The Allergen Testing Special Interest Group (AT-SIG) was first convened as a joint initiative of the Allergen Bureau and the National Measurement Institute (NMI) to provide an opportunity for those involved in allergen analysis to meet and discuss the complexities of allergen testing. AT-SIG aims to bring together all stakeholders interested in food allergen analysis and participants include: regulatory and private laboratories; allergen kit manufacturers and distributors; regulatory agencies; researchers; and food industry members.
The 10th meeting of the AT-SIG was held on the 19 November 2018 in Melbourne. An ambitious program attracted 45 delegates who were welcomed by Dean Clarke from the NMI and Robin Sherlock on behalf of the Allergen Bureau. Presenters included representatives from the Allergen Bureau, Food Standards Australia and New Zealand (FSANZ), R-Biopharm, Romer Labs, Food Technology Association of Australia (FTAA) and ELISA Systems who all provided updates on current relevant activities.
Dr. Jason Tye-Din (Walter & Eliza Hall Institute) detailed the clinical issues associated with coeliac disease, the impact of ongoing low-level gluten consumption and the food industry’s compliance with the production of gluten free foods. A recent study of gluten free food indicated that the majority of products sampled complied with the ANZ Food Standards Code requirements but that there continues to be room for improvement. (https://www.mja.com.au/journal/2018/209/10/gluten-gluten-free-manufactured-foods-australia-cross-sectional-study).
Fiona Jones (Office of the Chief Health Officer, Victoria) outlined the new legislative requirement for notification of hospitalisation presentations of anaphylaxis in Victoria and the potential for improving our understanding of the triggers for anaphylaxis in the community.
Adrian Rogers (Romer Labs) presented a balanced view of personal detection systems for food allergens and discussed the question of whether the devices are fit for purpose.
Dr Rachel Peters (Murdoch Children’s’ Research Institute) highlighted the research into food allergy being carried out at the Murdoch Children’s’ Research Institute including the concept of the 5 D’s. (Dry skin, Diet, Vitamin D, Dribble and Dirt and Dog). (For further information on this topic please see Reference: Allen & Koplin. 2016. Journal of Allergy and Clinical Immunology. In Practice. pii: S2213-2198(15)00574-7. doi: 10.1016/j.jaip.2015.10.01).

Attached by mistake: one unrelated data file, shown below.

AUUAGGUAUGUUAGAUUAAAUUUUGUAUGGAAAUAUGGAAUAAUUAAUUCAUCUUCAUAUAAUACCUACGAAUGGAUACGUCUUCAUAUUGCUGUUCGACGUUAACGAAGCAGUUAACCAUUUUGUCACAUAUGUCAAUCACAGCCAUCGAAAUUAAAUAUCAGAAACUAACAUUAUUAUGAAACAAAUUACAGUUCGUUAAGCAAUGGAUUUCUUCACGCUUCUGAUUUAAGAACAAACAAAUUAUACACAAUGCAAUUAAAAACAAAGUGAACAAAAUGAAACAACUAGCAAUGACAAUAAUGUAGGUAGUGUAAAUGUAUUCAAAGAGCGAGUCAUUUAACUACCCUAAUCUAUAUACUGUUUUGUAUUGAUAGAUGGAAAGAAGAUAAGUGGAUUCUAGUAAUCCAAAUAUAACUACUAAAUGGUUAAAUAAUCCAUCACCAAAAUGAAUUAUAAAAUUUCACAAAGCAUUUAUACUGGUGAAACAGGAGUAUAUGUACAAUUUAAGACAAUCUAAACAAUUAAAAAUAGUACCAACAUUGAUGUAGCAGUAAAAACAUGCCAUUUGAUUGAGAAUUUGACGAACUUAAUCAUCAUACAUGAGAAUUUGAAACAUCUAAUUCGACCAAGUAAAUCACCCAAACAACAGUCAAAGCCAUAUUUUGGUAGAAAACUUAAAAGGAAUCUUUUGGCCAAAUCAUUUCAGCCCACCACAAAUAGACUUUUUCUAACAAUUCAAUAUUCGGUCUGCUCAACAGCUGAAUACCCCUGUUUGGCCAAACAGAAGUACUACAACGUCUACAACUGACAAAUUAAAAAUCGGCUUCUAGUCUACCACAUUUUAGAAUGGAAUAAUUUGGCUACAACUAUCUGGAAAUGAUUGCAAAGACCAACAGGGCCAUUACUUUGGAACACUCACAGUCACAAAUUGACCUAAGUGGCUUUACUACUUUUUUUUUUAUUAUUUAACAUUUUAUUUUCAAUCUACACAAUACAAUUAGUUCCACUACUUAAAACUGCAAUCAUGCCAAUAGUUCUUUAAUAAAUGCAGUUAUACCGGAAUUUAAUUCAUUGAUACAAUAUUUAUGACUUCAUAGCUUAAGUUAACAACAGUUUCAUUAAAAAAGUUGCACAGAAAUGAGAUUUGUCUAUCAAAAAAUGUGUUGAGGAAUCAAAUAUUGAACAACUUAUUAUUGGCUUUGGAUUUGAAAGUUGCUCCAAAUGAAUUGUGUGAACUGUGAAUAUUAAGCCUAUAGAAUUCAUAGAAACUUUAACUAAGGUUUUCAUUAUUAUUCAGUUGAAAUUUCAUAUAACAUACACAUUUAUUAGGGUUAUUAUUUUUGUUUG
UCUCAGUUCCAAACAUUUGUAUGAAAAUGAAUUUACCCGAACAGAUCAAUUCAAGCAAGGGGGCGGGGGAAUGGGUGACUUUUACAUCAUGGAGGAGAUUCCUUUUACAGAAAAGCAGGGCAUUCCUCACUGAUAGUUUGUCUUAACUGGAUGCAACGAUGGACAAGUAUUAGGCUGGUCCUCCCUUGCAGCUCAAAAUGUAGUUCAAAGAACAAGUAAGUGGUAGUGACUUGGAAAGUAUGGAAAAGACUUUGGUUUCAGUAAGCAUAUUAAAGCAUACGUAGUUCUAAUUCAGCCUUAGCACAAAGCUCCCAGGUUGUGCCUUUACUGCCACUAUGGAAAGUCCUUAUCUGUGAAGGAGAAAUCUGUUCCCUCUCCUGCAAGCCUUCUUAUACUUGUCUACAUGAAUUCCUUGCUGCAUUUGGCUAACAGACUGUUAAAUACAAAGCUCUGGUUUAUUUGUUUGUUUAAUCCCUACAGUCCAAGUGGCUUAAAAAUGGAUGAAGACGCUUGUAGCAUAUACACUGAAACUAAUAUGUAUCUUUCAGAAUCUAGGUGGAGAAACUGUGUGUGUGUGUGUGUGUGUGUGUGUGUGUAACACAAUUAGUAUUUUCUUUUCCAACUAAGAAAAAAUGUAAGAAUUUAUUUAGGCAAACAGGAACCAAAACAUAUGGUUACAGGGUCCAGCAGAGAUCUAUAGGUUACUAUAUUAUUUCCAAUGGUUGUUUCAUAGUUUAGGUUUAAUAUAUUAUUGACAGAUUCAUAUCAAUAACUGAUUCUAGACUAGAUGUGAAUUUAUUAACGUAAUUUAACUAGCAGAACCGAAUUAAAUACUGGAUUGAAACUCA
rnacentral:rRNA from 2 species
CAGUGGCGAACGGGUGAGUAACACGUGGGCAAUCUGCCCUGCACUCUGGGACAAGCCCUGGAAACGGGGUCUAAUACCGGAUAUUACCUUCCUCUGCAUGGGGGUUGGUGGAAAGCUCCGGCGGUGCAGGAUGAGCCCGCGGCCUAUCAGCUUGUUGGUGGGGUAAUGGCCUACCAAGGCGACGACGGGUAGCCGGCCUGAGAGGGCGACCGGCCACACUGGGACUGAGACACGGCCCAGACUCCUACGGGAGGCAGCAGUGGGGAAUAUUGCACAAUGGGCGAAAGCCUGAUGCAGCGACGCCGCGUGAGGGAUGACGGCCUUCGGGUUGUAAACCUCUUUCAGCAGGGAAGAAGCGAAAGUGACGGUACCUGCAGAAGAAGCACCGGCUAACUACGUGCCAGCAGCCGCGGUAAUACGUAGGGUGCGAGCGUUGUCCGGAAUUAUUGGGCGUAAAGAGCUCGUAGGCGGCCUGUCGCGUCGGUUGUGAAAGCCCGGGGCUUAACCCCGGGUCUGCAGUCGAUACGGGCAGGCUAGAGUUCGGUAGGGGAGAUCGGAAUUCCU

Joanne Price (HJ Langdon) discussed the complex impact of agricultural practices on allergen management and cross contact and the associated analytical challenges. Dr. Martina Koeberl (NMI) presented work done by NMI to look at the performance of the Lupin detection kits and possible cross reactivities with similar legumes. (Koeberl et. al. 2018. Food Chemistry, Volume 256, p105-112 doi: 10.1016/j.foodchem.2018.02.043). James Roberts (NMI) updated the audience on recent highly publicised court cases and posed a range of questions related to the changing world environment and the potential impact on food allergy and the food industry.
NMI and the Allergen Bureau look forward to continuing to support the allergen analytical community through the AT-SIG. For further information regarding the AT-SIG please contact Dean Clarke (Dean.Clarke@measurement.gov.au) or the Allergen Bureau (firstname.lastname@example.org).
Authors: Martina Koeberl on behalf of NMI and Robin Sherlock for the Allergen Bureau.